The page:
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The Economics of Predation: What Drives Pricing When There is Learning-by-Doing?

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Predatory pricing . a deliberate strategy of pricing aggressively in order to eliminate competitors . is one of the more contentious areas of antitrust policy. This paper uses a modern industry dynamics framework to characterize predatory pricing by isolating a Firm’s equilibrium predatory incentives. We present a dynamic stochastic game with learning-by-doing and entry and exit similar to the one studied by Cabral & Riordan (1994) and Besanko, Doraszelski, Kryukov & Satterthwaite (2010), and we compute the Markov perfect equilibria of this game over a wide range of parameter values. Our computational analysis reveals that equilibria involving behavior that resembles conventional notions of predatory pricing can arise for plausible parameter values. We then show how the equilibrium pricing condition can be decomposed into a variety of advantage-building and advantage-denying motives. We use our decomposition to formulate six alternative definitions of predatory incentives, including those implied by the economic definitions of predation offered by Ordover & Willig (1981) and Cabral & Riordan (1997). To assess the impact of these incentives on equilibrium behavior, for each definition, we compute counterfactual equilibria in which firms .ignore. the predatory incentives, and we then compare metrics of industry structure, conduct and performance (e.g., price, Herfindahl index, consumer surplus, and total surplus) under the counterfactual equilibria to those metrics in the actual equilibria. The economic impact of predatory incentives that emphasize the direct marginal impact of price on the likelihood of rival exit is relatively small for a wide range of parameter values. By contrast, the definitions of predatory incentives that have the greatest negative impacts on industry evolution and welfare are those that are fairly strict. For instance, if predatory incentives are defined to be the advantage-denying motive, we find these incentives have a significantly negative impact on long-run price, market concentration, per-period consumer surplus, and per-period total surplus, with minimal compensating benefits to consumers in the short and intermediate runs as the industry transitions to maturity. Our results have implications for how one might structure a “marginal profit” implementation of a profit sacrifice standard for establishing predatory pricing.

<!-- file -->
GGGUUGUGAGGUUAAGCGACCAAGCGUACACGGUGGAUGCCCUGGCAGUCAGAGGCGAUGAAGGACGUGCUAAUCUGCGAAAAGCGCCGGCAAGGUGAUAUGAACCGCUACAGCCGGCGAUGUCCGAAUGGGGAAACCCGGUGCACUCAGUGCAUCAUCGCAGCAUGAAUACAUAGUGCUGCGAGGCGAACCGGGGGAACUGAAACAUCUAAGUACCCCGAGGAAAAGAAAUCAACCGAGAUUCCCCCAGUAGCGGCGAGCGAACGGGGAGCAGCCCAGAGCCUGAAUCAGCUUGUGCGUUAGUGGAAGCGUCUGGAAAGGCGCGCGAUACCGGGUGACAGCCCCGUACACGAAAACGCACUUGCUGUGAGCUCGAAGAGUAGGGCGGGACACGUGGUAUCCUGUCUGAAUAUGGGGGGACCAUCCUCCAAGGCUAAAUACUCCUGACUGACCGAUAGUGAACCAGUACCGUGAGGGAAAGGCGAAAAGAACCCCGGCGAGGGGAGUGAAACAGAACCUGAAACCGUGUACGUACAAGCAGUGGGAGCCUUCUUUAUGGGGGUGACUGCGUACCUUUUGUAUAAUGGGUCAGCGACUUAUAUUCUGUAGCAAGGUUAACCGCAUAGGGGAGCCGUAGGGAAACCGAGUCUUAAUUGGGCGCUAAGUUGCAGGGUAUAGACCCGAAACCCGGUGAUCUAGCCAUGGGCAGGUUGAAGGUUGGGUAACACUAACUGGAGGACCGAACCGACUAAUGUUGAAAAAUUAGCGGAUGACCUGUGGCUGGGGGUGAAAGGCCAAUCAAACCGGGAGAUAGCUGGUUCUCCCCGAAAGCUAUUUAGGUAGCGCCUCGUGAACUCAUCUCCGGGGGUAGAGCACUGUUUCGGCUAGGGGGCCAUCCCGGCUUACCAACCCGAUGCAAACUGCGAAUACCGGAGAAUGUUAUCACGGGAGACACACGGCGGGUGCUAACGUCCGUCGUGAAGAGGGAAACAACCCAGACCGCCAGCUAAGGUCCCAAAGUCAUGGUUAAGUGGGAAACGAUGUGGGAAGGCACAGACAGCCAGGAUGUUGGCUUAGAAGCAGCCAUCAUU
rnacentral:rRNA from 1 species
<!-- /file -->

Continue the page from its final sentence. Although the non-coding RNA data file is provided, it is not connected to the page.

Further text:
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  • David Besanko & Ulrich Doraszelski & Yaroslav Kryukov, "undated". "The Economics of Predation: What Drives Pricing When There is Learning-by-Doing?," GSIA Working Papers 2011-E8, Carnegie Mellon University, Tepper School of Business.
  • Handle: RePEc:cmu:gsiawp:159563074
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    1. Edlin, Aaron S. & Farrell, Joseph, 2002. "The American Airlines Case: A Chance to Clarify Predation Policy," Department of Economics, Working Paper Series qt0wx7c4zf, Department of Economics, Institute for Business and Economic Research, UC Berkeley.
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